Cluttering (also called tachyphemia) is a communication disorder characterized by speech that is difficult for listeners to understand due to rapid speaking rate, erratic rhythm, poor syntax or grammar, and words unrelated to the sentence. Speech sounds like bursts that are filled with misarticulations and disfluencies. The person with cluttering may experience a short attention span, poor concentration, poorly organized thinking, inability to listen, and a lack of awareness that his or her speech is unintelligible.
Stuttering is a speech disorder and cluttering is language disorder. A stutterer knows what he or she wants to say, but can’t say it; in contrast, a clutterer can say what he or she is thinking, but his or her thinking becomes disorganized during speaking.
Stutterers are usually disfluent on initial sounds, when beginning to speak, and become more fluent towards the ends of utterances. In contrast, clutterers are most clear at the start of utterances, but their speaking rate increases and intelligibility decreases towards the end of utterances.
Stuttering is characterized by struggle behavior, such as overtense speech production muscles. Cluttering, in contrast, is effortless.
Cluttering is also characterized by slurred speech, especially dropped or distorted /r/ and /l/ sounds; and monotone speech that starts loud and trails off into a murmur.
Clutterers often also have reading and writing disorders, especially handwriting.
Speech Therapy Center, LLC, offers the following services:
- Comprehensive Speech and Language Evaluations
- Individual Therapy Sessions
- Parent Consultations
- Collaboration with schools, orthodontists and other professionals
- Resources for Families
Communication Disorders in Adults
Speech Therapy Center, LLC, provides speech language therapy for the following communication disorders in adults: Please click on the names below to view a full description.
Aphasia is a language disorder due to brain damage from a stroke or head injury that results in impairment in the comprehension and/or formulation of language.Damage to the left hemisphere of the brain, which controls the language area, affects a person’s ability to communicate, which includes speaking, understanding, reading, writing and gesturing.
Fluent aphasia consists of impairment in language comprehension and speaking fluently with little or no meaning. Words are often used incorrectly. The main characteristics are word retrieval, parahasias (unintended sounds or word selection), invented words and preservation. Individuals with aphasia may also have other problems, such as dysarthria, apraxia, or swallowing problems.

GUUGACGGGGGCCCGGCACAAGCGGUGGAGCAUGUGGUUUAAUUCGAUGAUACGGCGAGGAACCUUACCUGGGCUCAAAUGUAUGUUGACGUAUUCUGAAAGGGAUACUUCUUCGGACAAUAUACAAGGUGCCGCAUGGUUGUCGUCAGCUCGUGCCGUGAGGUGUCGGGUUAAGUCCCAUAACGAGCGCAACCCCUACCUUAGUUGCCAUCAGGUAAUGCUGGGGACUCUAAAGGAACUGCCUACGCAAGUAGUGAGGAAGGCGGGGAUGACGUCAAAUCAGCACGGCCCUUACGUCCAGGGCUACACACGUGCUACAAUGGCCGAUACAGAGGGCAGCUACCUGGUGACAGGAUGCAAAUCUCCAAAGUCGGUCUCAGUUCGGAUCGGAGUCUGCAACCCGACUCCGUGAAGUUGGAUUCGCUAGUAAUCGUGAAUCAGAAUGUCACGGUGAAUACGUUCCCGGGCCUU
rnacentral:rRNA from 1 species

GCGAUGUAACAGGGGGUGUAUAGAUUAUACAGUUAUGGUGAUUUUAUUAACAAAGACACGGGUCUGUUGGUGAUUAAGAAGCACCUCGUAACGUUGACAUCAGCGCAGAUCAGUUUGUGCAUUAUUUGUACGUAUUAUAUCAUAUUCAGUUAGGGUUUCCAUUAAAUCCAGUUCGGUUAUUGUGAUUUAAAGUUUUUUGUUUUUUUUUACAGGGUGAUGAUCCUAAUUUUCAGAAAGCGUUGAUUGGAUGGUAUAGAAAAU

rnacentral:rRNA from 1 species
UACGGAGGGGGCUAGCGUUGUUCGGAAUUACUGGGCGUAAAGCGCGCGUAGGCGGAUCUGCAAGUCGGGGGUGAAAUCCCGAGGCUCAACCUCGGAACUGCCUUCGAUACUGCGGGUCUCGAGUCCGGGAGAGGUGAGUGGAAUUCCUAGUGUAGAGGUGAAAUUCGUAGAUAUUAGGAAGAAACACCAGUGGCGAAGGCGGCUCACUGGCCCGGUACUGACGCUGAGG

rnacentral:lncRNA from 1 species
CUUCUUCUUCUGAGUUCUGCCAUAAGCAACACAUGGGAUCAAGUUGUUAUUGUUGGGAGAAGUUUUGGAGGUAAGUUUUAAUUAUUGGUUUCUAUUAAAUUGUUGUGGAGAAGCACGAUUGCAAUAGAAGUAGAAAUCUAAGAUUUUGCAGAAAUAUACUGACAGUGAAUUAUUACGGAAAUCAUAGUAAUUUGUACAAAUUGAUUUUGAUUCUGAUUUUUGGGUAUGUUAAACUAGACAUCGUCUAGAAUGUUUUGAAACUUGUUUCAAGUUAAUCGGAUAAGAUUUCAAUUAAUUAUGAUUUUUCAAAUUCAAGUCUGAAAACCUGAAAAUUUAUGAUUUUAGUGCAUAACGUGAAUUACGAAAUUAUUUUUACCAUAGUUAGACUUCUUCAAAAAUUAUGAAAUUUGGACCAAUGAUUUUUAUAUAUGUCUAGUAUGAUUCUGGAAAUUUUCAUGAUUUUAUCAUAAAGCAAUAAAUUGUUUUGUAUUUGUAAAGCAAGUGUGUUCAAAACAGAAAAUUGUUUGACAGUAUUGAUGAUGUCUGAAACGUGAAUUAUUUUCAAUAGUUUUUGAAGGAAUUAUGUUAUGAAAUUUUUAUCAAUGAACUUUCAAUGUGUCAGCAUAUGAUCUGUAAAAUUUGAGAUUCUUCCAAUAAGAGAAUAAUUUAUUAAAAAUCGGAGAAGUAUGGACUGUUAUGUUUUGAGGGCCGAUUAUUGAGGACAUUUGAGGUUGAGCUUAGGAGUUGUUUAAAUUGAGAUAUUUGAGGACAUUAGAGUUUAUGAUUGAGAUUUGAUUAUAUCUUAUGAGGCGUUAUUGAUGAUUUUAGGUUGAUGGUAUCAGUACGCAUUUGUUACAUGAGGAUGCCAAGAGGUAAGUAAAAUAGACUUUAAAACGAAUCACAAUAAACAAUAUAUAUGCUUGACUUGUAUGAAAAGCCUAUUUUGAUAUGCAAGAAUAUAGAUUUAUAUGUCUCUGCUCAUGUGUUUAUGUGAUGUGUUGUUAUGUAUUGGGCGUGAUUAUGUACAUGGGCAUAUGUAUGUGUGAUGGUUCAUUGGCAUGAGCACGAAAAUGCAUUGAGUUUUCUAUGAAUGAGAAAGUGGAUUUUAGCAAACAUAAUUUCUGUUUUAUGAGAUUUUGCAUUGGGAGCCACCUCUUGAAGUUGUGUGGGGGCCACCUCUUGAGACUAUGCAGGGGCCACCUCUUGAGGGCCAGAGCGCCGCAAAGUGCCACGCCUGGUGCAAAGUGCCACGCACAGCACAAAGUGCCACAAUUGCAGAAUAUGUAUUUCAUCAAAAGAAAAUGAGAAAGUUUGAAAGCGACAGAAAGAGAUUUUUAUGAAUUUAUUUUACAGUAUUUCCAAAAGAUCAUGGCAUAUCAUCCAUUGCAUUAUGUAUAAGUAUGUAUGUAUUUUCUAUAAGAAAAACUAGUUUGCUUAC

Non-Fluent aphasia is characterized by difficulties with output with relatively spared comprehension. It is characterized by reduced vocabulary, grammatical errors and impairments of articulation, rate and prosody (rhythm, stress, and intonation) resulting in labored and effortful production. Speech is hesitant and pauses occur while trying to find the right word to say.
Cognitive Communication Disorders
Cognitive Communication Impairment can occur as a result of right side damage to the brain. It may affect an individual’s attention and concentration, initiating or carrying on a conversation/task, problem solving, good judgement, memory, processing information in a timely manner, organization, sequencing and disorientation.
Apraxia is a motor speech disorder that affects the ability to plan or sequence voluntary muscle movements. There is a disruption in the brain’s transmission signals to the muscles. The person knows what to say but is unable to get the muscles of speech to produce the right sounds. Apraxia may cause people to mix up sounds in words, say the wrong sounds, say words/sounds differently every time they try to say them and struggle to say sounds. Often occurs with aphasia.
Dysarthria is a group of motor disorders resulting from muscle control of the speech mechanism due to damage of the nervous system. Oral communication problems due to paralysis, weakness or incoordination of the speech muscles.
In some cases Dysarthria can present as the following:
-Slurred, irregular or labored speech
-Imprecise constants and articulation
-Harsh, hoarseness or strained vocal quality
-Slow and effortful or rapid rate
-Breathiness, hoarseness, strained, harsh quality
-Choppy (breath phrasing)
Patients that present Dysarthria are those with ALS, Huntington Disease, Parkinson’s, Multiple Sclerosis, Muscular Dystrophy, stroke and Myasthenia Gravis.